Saturday, September 13, 2014

Moon Goddess: Our Guiding Light

The Moon Mother: Our Guiding Light

Literal Moon in the sky or ancient Goddess, it’s important to understand what natural powers are symbolized by the Moon.  In our patriarchal culture, we value sunlight rather than moonlight.  We look to facts and logic (Sun rationality) rather than feeling and intuition (Moon imagination).  In fact, we need both.  We live in our solar nature but our lunar nature needs to be explored and understood because we have been taught to ignore it.

There are many aspects of the ancient Moon Goddesses to explore.  Women need to re-learn what our lunar nature is, because it is our guide to life.  And if women can’t connect with our lunar nature, how can men find their way there?  

These next few blogs on The Moon are excerpts from my book: Wisdom’s Daughters: How Women Can Change the World.

When we lost touch with the feminine mysteries of the ancient Goddess, we were banished from our home inside the Moon.  Small children know and remember their true home, but as we grow up, we forget for the most part, how to live in the natural rhythms of life which the Moon Goddess - perpetual renewal, the measure of time, the weaver of fate - represented to her ancient worshipers.  Most of us have no idea what power and effect the Moon has over us or the world around us.  However, what was lost can be found, for the Moon still travels across the night sky and still sheds her silvery light upon our darkness.

            The first thing we observe about the Moon is that it changes shape, unlike the Sun, which appears the same every day and never fails to rise and set, full and round all through the day.   The Moon grows larger, then smaller, waxing and waning as it travels across the sky.  It rises at different times during the night and at different spots on the horizon.  And it even completely disappears for three nights.  But it comes back, and begins the process over again.  Small wonder that early humanity projected its imagination onto the Moon, since they experienced it as a monthly cycle that regulated time, its rhythms governing the tides, women's menstrual cycles, plant life and weather.   The Moon showed people the basic rhythms of life as well as the truth of the natural law of constant change.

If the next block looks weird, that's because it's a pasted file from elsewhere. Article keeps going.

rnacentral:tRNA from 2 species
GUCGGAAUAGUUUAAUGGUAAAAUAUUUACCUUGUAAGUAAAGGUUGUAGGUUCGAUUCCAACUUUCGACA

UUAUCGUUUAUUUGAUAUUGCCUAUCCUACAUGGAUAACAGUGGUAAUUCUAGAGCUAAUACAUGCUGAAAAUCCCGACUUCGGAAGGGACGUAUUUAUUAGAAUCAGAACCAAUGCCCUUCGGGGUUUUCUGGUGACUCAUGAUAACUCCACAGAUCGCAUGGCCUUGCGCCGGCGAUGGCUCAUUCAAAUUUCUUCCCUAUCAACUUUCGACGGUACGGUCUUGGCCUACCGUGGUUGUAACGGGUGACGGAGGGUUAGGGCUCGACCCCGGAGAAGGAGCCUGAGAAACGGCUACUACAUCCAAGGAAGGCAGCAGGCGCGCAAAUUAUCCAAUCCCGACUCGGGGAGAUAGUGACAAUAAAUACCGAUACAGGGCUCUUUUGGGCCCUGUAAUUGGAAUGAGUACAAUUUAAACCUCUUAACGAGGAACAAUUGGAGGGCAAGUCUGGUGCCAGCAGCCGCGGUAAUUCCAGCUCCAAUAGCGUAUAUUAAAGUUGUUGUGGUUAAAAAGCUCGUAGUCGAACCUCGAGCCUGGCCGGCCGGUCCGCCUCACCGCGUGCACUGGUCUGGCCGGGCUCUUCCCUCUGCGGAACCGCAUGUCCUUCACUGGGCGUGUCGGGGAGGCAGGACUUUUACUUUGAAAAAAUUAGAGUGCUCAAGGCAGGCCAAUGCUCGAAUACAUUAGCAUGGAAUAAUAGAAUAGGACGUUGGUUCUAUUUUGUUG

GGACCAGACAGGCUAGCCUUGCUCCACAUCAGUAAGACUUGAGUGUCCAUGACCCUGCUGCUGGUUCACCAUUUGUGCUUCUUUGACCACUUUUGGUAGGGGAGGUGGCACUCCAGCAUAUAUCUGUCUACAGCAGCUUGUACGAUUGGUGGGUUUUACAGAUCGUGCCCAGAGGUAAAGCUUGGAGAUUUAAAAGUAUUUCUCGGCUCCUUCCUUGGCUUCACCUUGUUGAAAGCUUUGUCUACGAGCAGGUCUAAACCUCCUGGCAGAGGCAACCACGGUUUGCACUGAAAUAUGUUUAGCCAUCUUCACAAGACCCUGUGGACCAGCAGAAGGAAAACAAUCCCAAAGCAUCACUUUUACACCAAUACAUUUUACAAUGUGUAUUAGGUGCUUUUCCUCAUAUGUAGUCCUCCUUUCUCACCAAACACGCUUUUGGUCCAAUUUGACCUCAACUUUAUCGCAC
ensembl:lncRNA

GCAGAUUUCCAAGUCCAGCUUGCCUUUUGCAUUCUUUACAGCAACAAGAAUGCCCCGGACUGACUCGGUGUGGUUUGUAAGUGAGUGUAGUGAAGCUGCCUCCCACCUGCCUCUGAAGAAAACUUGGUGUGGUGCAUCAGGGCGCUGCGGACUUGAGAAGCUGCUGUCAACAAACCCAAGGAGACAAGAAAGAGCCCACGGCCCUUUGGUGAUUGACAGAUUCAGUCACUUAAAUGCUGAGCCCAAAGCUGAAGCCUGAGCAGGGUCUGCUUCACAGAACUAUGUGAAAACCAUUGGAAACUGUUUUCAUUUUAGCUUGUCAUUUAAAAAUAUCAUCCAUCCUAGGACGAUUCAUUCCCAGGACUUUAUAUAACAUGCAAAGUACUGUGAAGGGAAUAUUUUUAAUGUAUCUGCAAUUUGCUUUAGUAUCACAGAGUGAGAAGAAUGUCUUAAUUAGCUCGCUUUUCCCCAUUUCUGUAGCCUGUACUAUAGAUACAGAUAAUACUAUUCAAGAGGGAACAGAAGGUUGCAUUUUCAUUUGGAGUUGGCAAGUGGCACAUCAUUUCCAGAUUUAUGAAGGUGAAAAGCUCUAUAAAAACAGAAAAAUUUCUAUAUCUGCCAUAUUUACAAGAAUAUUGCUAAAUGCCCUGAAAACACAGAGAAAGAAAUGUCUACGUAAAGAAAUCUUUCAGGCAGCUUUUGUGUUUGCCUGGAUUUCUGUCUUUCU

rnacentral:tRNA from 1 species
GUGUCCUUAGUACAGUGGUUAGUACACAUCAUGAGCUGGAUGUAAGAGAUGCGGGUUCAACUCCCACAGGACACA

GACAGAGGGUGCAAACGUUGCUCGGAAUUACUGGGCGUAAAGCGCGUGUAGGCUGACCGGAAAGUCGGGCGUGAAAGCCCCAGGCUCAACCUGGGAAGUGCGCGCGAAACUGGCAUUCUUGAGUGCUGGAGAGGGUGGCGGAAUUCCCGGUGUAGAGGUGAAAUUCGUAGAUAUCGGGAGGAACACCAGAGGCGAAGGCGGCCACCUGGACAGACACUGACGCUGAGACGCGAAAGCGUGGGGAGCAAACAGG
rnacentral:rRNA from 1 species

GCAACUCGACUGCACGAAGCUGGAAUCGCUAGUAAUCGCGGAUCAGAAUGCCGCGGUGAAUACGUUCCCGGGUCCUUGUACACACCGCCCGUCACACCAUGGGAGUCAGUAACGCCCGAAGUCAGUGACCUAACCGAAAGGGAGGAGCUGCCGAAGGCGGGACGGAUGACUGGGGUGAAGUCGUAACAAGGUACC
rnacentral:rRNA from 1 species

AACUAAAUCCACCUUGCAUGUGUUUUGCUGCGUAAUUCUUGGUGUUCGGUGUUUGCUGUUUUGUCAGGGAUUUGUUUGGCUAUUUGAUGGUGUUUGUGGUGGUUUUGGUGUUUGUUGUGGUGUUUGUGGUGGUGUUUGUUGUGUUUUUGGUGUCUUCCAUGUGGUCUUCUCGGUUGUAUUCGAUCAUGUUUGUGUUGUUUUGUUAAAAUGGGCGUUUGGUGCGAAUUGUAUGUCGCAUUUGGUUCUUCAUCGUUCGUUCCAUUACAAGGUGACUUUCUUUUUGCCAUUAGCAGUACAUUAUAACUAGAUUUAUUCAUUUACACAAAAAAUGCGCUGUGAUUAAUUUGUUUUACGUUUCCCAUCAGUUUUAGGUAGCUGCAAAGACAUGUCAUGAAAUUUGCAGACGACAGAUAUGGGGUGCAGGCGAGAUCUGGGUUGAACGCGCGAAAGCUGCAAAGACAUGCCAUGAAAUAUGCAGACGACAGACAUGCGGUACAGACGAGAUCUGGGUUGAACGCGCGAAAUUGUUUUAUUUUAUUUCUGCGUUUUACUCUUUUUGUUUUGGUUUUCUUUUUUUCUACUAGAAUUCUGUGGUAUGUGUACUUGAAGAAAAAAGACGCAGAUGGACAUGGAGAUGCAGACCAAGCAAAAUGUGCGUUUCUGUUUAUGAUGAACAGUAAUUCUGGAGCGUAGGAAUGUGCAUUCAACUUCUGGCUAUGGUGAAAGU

Ancient peoples observed that the Moon made the fertilizing moisture that makes living things grow and thrive: plants and animals as well as human beings.   The Moon Mother, imagined as a vessel of water, fertility and fecundity, was the source of being and becoming.   And because ancient peoples could live with contradictions, they also believed the Moon was the land of the dead, the place souls went to between incarnations.  Just as the Moon dies and is reborn, so souls go to the Moon to await rebirth.  The life cycle of birth-death-rebirth is prefigured in the changing Moon.  
Women naturally understand this rhythm of change, because our bodies respond to these changing rhythms.  Men have a harder time adjusting to this cycle.  They don’t know how to relate to their own changing moods, and so ignore them as inconsequential.   Women's greatest gift, our ability to adapt to change, has been used against us to demonstrate that we are not as rational, and therefore not as reliable or responsible as men.   
Once again, men used themselves as the measure of all things, and their own lack of adaptability became the standard.   But it can’t remain this way.  Now the world needs people who can change, who can let go of what is outdated and open to new ideas and new possibilities.   It is a perfect time for women to step forward and use our strengths and set new standards for what makes a full and rich life.  

When the ancient Goddess religions were suppressed under Christianity, her manifestations were split up.  On one hand, some of her light qualities were attributed to the Church and to the Virgin Mary.  Her darker, mysterious qualities, however, were soon associated with the Devil and with witchcraft, for Christianity accepted the heavenly attributes of the feminine while rejecting the earthy spirit of the Goddess.  The Earth and women, who were seen as creatures of the earth and of the body, were relegated to the darkness of sin.  Consequently, our culture developed a split between the heavenly feminine and the earthy feminine. 

It is up to us to heal that split and become conscious of our gifts.  The Moon Mother can show us the way, for she is our constant guide through life.

Watch for my next blog on the Moon.

Tuesday, September 2, 2014

The Great Goddess Isis: Lover, Mother, Healer and Mistress of Magic

Isis is perhaps the best known of the Egyptian goddesses.  She was worshiped in Egypt, Greece and the Roman Empire from around 3000 BCE to around 200 CE, when many of her titles and attributes were taken over by the Virgin Mary.  Isis is another goddess who can represent the constellation of Virgo, the Virgin, the Divine Mother whose Child is the savior of Life.  Her mysteries taught people the truth of the cycle of life, death and rebirth.  She is a goddess of natural law as well as magic and healing.